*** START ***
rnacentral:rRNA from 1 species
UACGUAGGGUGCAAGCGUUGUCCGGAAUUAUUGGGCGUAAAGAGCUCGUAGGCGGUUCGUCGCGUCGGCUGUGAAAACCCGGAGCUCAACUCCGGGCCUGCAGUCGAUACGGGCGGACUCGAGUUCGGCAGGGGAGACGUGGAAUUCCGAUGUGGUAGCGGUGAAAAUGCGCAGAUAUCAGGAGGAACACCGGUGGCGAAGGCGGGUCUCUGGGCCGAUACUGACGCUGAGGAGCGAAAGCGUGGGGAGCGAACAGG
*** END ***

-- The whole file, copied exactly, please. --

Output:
rnacentral:rRNA from 1 species
UACGUAGGGUGCAAGCGUUGUCCGGAAUUAUUGGGCGUAAAGAGCUCGUAGGCGGUUCGUCGCGUCGGCUGUGAAAACCCGGAGCUCAACUCCGGGCCUGCAGUCGAUACGGGCGGACUCGAGUUCGGCAGGGGAGACGUGGAAUUCCGAUGUGGUAGCGGUGAAAAUGCGCAGAUAUCAGGAGGAACACCGGUGGCGAAGGCGGGUCUCUGGGCCGAUACUGACGCUGAGGAGCGAAAGCGUGGGGAGCGAACAGG